Palm Sunday

OK, so all of this working from home has got us thinking here at CF Systems about the evolution of devices that have helped us on our journey towards current levels of mobility. If we’re honest, its also an excuse to get in the line about “Palm Sunday”, a terrible but hopefully well timed gag if ever there was one.

Its hard to imagine, that only a generation ago, the current working from home levels would have been impossible. Of course, underpinning this all has been the invention of the World Wide Web, but we thought it might be nice trip down memory lane to look at some of the mobility enabling devices we have personally used down the years. So, in (roughly) date order;

Toshiba T1000LE
One of the very first widely commercially available laptops and my own very first portable device. Launched in 1990, the T1000LE included a 9.54/4.77 MHz Intel 80C86 chip, a whopping 1MB of RAM and a 20MB hard drive. The T1000LE was one of the first machines to facilitate remote and home working on any sort of scale and is now a sought after collectors item.


Psion Series 3C
The original handheld device, the Psion was produced in a variety of guises during the 1990’s but my own Series 3c was the first device to make a fundamental difference to my productivity out of the office. Its robust case, full keyboard and long battery life made it usable and its ability to manage real documents including word processing and spreadsheets enabled it to be truly integrated with working requirements. Its contacts program could even make phone calls by emitting a tone that could be held against a telephone receiver! In all, Psion produced over 1.5 million Series 3 devices.

Nokia 6310i
A history of various mobile phone handsets could form a book in its own right, but I’m including the 6310i here, not just because I had a number of them myself over the years, but also because of its iconic status as one of the best business phones ever – its robustness and battery life are still legendary. It was also the first phone I ever personally owned that included a WAP web browser, making it a precursor to the modern smartphone.

Palm Pilot
Its hard to believe now, but at its peak (it was first launched in 1997), the Palm Pilot was almost ubiquitous amongst business people who travelled for managing contacts, taking notes and even sending emails and calendar invites through its ability to synchronise with a PC. Its screen was arguably one of the first widely adopted touchscreens and enabled a user to input information using a stylus and its own “graffiti” character set. It was also available with a number of accessories including an innovative space saving folding keyboard. I’d also like to thank the device for facilitating the title of this post…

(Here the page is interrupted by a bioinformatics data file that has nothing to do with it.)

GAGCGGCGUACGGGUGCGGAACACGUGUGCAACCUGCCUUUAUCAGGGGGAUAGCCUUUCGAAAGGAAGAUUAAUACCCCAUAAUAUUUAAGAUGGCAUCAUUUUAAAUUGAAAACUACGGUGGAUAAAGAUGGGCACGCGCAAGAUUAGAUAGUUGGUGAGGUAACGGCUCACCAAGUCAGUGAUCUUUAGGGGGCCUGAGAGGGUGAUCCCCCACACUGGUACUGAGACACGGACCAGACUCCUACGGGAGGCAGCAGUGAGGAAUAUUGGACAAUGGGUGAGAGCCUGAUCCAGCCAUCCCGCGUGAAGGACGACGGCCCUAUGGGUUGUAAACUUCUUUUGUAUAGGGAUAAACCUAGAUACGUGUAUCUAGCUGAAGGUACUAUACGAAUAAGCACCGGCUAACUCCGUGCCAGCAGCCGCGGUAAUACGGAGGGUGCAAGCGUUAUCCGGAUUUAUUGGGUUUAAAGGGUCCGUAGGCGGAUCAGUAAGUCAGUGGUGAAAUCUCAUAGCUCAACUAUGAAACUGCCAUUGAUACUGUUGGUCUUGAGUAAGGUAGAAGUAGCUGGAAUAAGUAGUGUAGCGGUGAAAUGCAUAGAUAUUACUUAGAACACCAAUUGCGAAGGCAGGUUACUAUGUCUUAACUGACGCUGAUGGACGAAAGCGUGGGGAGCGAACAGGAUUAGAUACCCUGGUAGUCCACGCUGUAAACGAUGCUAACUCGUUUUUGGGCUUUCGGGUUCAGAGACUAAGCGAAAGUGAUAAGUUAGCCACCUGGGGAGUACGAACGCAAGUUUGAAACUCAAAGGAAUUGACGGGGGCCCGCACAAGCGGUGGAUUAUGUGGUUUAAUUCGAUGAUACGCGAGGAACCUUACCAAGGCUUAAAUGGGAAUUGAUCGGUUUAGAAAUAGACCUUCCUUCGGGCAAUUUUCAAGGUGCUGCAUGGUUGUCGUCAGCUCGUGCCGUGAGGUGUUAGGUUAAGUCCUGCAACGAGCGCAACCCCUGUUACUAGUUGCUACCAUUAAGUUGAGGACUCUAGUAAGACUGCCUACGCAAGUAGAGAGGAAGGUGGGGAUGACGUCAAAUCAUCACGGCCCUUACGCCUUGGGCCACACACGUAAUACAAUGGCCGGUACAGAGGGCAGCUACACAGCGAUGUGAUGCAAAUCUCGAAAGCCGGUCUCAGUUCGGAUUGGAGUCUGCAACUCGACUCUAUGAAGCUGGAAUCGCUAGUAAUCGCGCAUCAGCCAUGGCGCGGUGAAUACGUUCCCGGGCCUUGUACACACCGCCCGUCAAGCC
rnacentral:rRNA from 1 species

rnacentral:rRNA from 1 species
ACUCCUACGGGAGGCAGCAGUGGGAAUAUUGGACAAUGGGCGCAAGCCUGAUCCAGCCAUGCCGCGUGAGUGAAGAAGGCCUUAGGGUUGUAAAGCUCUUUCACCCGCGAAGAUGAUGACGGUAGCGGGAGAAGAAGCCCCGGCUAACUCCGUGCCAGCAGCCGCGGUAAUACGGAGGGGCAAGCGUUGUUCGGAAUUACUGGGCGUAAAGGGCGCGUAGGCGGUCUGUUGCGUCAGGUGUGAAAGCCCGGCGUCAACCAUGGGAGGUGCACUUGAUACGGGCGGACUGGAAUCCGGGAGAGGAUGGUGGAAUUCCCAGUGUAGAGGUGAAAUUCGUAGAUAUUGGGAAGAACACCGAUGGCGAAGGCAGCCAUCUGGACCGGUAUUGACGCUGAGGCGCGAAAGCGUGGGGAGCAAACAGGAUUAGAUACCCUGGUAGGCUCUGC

HTC Tytn
I’m including this device because I had one and because it was amongst the first wave of fully featured “smart” phones that were as adept at internet and email usage as they were for phone calls. In fact I recall that the interface of the Tytn was far more useful for email usage than making phone calls… The device included a proper keyboard that slid out from under an early (very small) touchscreen, 64MB of RAM and one of the early versions of Windows Mobile (complete with Office applications).

iPhone 1
Inevitably, this post ends with the device that changed the way we work to the one we recognise today – the original iPhone. Launched in 2007, the iPhone was the first device to do away with the traditional keyboard and operate on a touchscreen only basis. Very much the output of the personal vision of Apple founder Steve Jobs, the device was introduced by him as being a combination of three devices: a “widescreen iPod with touch controls”; a “revolutionary mobile phone”; and a “breakthrough Internet communicator”. Very few electronic devices can claim to have had such a significant cultural impact as the iPhone.


We hope that you’ve enjoyed this trip down memory lane. If you’d like to talk about more modern methods of enabling remote working, please get in touch with the CF Systems team. Otherwise, it just remains to wish you a very Happy Easter (including PALM Sunday)!